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Healthy Eating Tips: Which Foods Can Benefit Your Mental Health—and How

Healthy Eating Tips: Which Foods Can Benefit Your Mental Health—and How

You might have heard the old saying, “You are what you eat.”

Eating healthy food is not only beneficial for your body, but also essential for your mental and emotional well-being. Several studies have demonstrated the relationship between “food” and “mood.” Many healthy foods have also proved to be beneficial to mental and emotional health.

Sadly, the role of nutrition in mental health has been under-recognized by the health industry for many years. Thanks to the latest research, the connection between nutrition and emotional health is finally pushing its way into the mainstream.

How do certain foods work to improve your mood?

Dr. Mercola clarifies this relationship:

In a very real sense, you have TWO brains—one in your head, and one in your gut—both of which are created from the same tissue during fetal development.

These two systems are connected via your vagus nerve, the tenth cranial nerve that runs from your brain stem down to your abdomen. It is now well established that the vagus nerve is the primary route your gut bacteria use to transmit information to your brain.

Maintaining optimal gut health is therefore paramount when trying to address your mental state.

Understanding the role of nutrition in mental and emotional health is important because one in five people suffers from depression, anger, and anxiety. Those mental problems can be minimized by ingesting certain minerals—like iron, Vitamin B12, and calcium.

A few changes in your diet may be effective at alleviating the symptoms of mental illness, mood swings, and other disorders.

However, you cannot just eat anything, whether it be a big, juicy hamburger or a slice of spicy pizza. Consume only healthy foods, rich in nutrients that benefit your mental health. Those foods are listed below:

Omega 3 Fatty Acids

It is interesting to note that New Zealand reports having a 60 times more depressive population than does Japan; the Japanese diet is rich in cold water fish, rich in Omega 3 fatty acid.

Several studies have proved that Omega 3 fatty acids are beneficial for controlling psychiatric disorders, like bipolar disorder and depression. Sadly, our standard American diet lacks these essential nutrients, and depression has become a common mental illness in the US.

Omega 3 Fatty Acids are polyunsaturated fatty acids that include EPA and DHA. Studies have found that EPA affects the blood flow, hormones, and the immune system, influencing brain functions. Moreover, DHA facilitates the processes of shaping and transmitting electrical signals to the brain.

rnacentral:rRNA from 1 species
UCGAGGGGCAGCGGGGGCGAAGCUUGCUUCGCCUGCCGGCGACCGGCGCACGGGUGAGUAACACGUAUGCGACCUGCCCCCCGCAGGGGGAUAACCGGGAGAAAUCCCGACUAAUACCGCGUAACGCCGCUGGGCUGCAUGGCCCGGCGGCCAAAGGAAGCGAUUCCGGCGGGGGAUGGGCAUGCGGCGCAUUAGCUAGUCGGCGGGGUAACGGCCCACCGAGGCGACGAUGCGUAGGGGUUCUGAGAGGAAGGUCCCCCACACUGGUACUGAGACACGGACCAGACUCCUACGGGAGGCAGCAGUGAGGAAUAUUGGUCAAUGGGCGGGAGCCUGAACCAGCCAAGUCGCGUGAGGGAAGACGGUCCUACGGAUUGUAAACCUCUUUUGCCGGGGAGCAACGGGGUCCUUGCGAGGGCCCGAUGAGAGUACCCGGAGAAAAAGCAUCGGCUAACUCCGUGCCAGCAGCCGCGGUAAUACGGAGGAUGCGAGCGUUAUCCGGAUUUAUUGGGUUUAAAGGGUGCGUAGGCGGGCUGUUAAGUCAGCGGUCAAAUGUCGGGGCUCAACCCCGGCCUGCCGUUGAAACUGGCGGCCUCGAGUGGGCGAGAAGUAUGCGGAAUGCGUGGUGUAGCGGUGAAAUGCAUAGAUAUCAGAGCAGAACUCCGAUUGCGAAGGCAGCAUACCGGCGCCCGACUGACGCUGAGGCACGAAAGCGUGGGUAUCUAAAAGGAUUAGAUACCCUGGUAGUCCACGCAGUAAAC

Great sources of Omega 3 Fatty Acids are salmon, cod liver oil, walnuts, tuna, white fish, egg yolks, hemp seeds, and sardines.

Whole Grains

Whole grains are counted among the best brain foods for many reasons. Enriched with glucose, they deliver glucose to the brain. Plus, they are helpful in reducing mood disorders by regulating spikes in blood sugar. Therefore, add brown rice and whole grain cereals and pastas, and granary bread to your diet to reap these rewards for your brain.

Dark Green Leafy Vegetables

Dark Green Leafy Vegetables

Green leafy veggies are rich in vitamin E and folate, which are believed to be good for improving memory. The folate level in green veggies like kale, collard greens, spinach, and broccoli in turn lowers the level of homocysteine in the blood. Homocysteine is the amino acid that, in excess, can damage nerve cells in the brain.

Fermented Foods

Several fermented foods—like yogurt, olives or pickles—contain probiotics, which are healthy bacteria; probiotics have been found helpful in combatting cases of stress and anxiety. They also affect the GABA neurotransmitter.

Adding these foods to your diet is essential to your mental health. However, they don’t serve as alternatives to medications and other treatments for mental disorders. In addition to improving your diet, you must consult your doctor if you are suffering from any mental disorder.

It is important – and tasty! – to begin to integrate these healthy foods into your meals for your physical health and, just as importantly, your vibrant mental health.

Weight-Related Questions to Ask the Pediatrician (by Your Child’s Age)

Weight-Related Questions to Ask the Pediatrician (by Your Child’s Age)

With child obesity increasing at an alarming rate, consulting your kid’s doctor is as important as adopting a healthy lifestyle for your children. It should be the first step in preventing childhood obesity. Most parents avoid discussing their children’s weight issues with doctors if they are overweight themselves. Surprisingly, some pediatricians don’t think it’s necessary to talk about it as they feel that doing so may hurt the parents’ self-esteem, especially when the parents’ self-esteem centers around their children.


How Can Parents Teach Their Children about Healthy Food?

How Can Parents Teach Their Children about Healthy Food?

Parenting is overwhelming enough, but it becomes even more challenging when you are discouraged by your kids’ food choices. Every parent has a common story to tell about how their kids shy away from green veggies or sort the carrots out of the soups. At the same time, those kids are quite fond of cookies, ice cream, burgers, and chips. We all know very well how tough it is to have a picky eater for a child.

Most children simply hate healthy foods in a world where they’re surrounded by convenient fast foods. As a result, obesity has been increasing at an alarming rate, posing big health risks such as asthma, bone and joint problems, and even cancer.